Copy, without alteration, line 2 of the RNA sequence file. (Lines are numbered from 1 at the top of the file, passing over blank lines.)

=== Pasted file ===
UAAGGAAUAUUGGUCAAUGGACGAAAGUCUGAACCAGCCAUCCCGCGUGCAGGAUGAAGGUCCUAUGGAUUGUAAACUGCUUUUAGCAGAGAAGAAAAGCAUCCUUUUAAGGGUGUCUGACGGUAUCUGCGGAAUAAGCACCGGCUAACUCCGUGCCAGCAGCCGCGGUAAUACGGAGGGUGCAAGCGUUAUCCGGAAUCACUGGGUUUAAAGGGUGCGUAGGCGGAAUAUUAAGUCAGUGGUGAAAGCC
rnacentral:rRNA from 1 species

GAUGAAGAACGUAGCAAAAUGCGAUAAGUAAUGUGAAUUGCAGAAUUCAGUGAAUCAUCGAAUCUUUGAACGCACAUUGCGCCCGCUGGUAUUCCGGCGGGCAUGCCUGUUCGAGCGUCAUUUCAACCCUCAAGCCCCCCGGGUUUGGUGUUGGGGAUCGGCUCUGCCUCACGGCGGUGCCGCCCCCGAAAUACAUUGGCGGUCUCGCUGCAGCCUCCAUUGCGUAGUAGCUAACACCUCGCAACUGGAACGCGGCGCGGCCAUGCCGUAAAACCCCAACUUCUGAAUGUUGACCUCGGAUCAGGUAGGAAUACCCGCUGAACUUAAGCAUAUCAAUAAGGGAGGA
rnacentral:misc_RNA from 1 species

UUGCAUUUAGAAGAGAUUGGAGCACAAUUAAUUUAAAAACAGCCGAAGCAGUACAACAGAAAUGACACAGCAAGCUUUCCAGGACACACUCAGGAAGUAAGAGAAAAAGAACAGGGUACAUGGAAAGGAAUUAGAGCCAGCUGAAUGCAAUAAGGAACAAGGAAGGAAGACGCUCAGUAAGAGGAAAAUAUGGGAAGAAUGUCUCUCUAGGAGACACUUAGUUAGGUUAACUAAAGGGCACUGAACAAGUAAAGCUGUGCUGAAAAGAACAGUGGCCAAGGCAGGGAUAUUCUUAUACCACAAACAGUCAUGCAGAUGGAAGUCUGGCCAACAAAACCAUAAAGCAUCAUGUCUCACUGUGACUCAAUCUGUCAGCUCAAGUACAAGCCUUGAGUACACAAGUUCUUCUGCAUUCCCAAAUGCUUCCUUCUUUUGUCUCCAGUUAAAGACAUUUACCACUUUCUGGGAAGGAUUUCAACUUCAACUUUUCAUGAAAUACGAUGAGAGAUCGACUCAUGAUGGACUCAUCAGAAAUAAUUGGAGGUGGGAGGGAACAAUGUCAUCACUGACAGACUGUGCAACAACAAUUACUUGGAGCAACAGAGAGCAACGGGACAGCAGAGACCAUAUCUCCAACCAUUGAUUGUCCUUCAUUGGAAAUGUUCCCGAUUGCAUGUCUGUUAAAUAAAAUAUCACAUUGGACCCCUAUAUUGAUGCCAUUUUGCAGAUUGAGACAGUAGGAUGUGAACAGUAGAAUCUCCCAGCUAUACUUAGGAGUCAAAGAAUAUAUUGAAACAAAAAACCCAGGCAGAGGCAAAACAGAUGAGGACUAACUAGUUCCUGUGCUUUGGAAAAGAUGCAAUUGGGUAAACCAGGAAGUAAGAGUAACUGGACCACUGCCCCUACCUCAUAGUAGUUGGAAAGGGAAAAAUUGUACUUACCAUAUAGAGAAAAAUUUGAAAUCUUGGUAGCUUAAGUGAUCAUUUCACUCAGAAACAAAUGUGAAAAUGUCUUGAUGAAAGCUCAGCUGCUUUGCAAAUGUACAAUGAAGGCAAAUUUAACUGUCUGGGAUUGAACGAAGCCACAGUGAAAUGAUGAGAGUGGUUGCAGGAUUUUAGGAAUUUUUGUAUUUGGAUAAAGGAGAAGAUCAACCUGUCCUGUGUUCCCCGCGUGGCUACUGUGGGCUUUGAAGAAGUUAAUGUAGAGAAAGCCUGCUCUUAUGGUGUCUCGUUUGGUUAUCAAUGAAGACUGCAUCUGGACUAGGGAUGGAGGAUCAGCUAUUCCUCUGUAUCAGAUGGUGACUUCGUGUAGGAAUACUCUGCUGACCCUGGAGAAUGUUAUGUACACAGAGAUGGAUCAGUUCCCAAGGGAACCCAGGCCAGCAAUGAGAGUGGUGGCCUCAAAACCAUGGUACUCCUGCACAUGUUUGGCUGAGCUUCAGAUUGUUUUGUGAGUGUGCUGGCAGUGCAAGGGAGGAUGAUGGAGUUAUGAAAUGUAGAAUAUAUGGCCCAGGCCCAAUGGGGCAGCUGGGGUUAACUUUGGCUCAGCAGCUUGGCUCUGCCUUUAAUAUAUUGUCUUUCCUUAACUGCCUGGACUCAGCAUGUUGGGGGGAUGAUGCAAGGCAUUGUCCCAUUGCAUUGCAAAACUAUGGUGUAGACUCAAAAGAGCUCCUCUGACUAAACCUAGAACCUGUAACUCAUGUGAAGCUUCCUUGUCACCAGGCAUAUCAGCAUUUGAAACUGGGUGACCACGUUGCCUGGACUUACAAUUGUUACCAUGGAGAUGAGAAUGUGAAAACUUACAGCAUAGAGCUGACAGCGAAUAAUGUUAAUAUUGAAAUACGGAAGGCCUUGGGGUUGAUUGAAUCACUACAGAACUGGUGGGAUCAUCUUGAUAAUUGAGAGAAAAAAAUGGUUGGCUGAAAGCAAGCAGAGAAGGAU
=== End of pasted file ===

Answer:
rnacentral:rRNA from 1 species